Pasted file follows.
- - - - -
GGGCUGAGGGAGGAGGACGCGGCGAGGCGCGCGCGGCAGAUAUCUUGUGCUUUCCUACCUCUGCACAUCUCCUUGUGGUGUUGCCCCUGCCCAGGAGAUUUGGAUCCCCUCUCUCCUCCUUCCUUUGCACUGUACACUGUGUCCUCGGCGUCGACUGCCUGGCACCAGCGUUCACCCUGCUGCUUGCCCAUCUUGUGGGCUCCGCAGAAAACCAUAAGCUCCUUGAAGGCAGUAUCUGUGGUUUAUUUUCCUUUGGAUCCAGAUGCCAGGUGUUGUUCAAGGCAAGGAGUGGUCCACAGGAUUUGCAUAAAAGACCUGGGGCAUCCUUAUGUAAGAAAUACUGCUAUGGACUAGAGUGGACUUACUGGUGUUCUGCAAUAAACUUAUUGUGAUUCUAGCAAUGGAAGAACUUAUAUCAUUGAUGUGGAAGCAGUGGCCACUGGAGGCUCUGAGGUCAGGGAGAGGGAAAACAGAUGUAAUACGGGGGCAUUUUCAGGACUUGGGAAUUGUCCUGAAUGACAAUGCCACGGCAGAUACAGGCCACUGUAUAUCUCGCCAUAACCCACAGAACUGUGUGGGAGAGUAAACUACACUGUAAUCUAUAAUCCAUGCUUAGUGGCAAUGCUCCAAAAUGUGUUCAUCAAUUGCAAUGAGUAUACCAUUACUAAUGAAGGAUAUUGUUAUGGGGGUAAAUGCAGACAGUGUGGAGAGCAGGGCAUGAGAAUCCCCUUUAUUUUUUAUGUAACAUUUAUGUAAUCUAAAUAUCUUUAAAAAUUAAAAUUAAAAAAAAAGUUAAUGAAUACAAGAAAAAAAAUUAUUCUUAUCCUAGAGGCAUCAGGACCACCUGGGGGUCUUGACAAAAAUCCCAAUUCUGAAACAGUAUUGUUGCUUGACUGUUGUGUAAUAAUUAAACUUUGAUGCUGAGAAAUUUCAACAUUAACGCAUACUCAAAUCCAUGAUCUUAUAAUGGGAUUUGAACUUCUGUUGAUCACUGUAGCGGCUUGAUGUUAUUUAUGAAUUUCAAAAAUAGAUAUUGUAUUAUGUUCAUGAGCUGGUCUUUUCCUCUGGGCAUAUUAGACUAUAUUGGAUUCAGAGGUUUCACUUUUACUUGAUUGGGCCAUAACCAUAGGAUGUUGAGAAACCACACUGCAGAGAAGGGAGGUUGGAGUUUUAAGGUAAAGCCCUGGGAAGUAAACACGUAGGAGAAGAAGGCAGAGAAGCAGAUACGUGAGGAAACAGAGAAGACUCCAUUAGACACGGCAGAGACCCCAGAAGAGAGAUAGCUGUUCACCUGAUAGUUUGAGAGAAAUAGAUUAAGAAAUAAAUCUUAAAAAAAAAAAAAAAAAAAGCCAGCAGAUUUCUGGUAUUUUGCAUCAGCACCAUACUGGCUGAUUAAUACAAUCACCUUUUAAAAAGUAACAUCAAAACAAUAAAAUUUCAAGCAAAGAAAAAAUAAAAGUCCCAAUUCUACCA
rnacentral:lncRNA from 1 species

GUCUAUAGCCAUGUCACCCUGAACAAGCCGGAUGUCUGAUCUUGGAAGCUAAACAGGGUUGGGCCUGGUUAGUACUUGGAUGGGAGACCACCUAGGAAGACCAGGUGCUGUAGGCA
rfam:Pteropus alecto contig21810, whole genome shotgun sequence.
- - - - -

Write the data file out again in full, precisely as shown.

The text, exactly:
GGGCUGAGGGAGGAGGACGCGGCGAGGCGCGCGCGGCAGAUAUCUUGUGCUUUCCUACCUCUGCACAUCUCCUUGUGGUGUUGCCCCUGCCCAGGAGAUUUGGAUCCCCUCUCUCCUCCUUCCUUUGCACUGUACACUGUGUCCUCGGCGUCGACUGCCUGGCACCAGCGUUCACCCUGCUGCUUGCCCAUCUUGUGGGCUCCGCAGAAAACCAUAAGCUCCUUGAAGGCAGUAUCUGUGGUUUAUUUUCCUUUGGAUCCAGAUGCCAGGUGUUGUUCAAGGCAAGGAGUGGUCCACAGGAUUUGCAUAAAAGACCUGGGGCAUCCUUAUGUAAGAAAUACUGCUAUGGACUAGAGUGGACUUACUGGUGUUCUGCAAUAAACUUAUUGUGAUUCUAGCAAUGGAAGAACUUAUAUCAUUGAUGUGGAAGCAGUGGCCACUGGAGGCUCUGAGGUCAGGGAGAGGGAAAACAGAUGUAAUACGGGGGCAUUUUCAGGACUUGGGAAUUGUCCUGAAUGACAAUGCCACGGCAGAUACAGGCCACUGUAUAUCUCGCCAUAACCCACAGAACUGUGUGGGAGAGUAAACUACACUGUAAUCUAUAAUCCAUGCUUAGUGGCAAUGCUCCAAAAUGUGUUCAUCAAUUGCAAUGAGUAUACCAUUACUAAUGAAGGAUAUUGUUAUGGGGGUAAAUGCAGACAGUGUGGAGAGCAGGGCAUGAGAAUCCCCUUUAUUUUUUAUGUAACAUUUAUGUAAUCUAAAUAUCUUUAAAAAUUAAAAUUAAAAAAAAAGUUAAUGAAUACAAGAAAAAAAAUUAUUCUUAUCCUAGAGGCAUCAGGACCACCUGGGGGUCUUGACAAAAAUCCCAAUUCUGAAACAGUAUUGUUGCUUGACUGUUGUGUAAUAAUUAAACUUUGAUGCUGAGAAAUUUCAACAUUAACGCAUACUCAAAUCCAUGAUCUUAUAAUGGGAUUUGAACUUCUGUUGAUCACUGUAGCGGCUUGAUGUUAUUUAUGAAUUUCAAAAAUAGAUAUUGUAUUAUGUUCAUGAGCUGGUCUUUUCCUCUGGGCAUAUUAGACUAUAUUGGAUUCAGAGGUUUCACUUUUACUUGAUUGGGCCAUAACCAUAGGAUGUUGAGAAACCACACUGCAGAGAAGGGAGGUUGGAGUUUUAAGGUAAAGCCCUGGGAAGUAAACACGUAGGAGAAGAAGGCAGAGAAGCAGAUACGUGAGGAAACAGAGAAGACUCCAUUAGACACGGCAGAGACCCCAGAAGAGAGAUAGCUGUUCACCUGAUAGUUUGAGAGAAAUAGAUUAAGAAAUAAAUCUUAAAAAAAAAAAAAAAAAAAGCCAGCAGAUUUCUGGUAUUUUGCAUCAGCACCAUACUGGCUGAUUAAUACAAUCACCUUUUAAAAAGUAACAUCAAAACAAUAAAAUUUCAAGCAAAGAAAAAAUAAAAGUCCCAAUUCUACCA
rnacentral:lncRNA from 1 species

GUCUAUAGCCAUGUCACCCUGAACAAGCCGGAUGUCUGAUCUUGGAAGCUAAACAGGGUUGGGCCUGGUUAGUACUUGGAUGGGAGACCACCUAGGAAGACCAGGUGCUGUAGGCA
rfam:Pteropus alecto contig21810, whole genome shotgun sequence.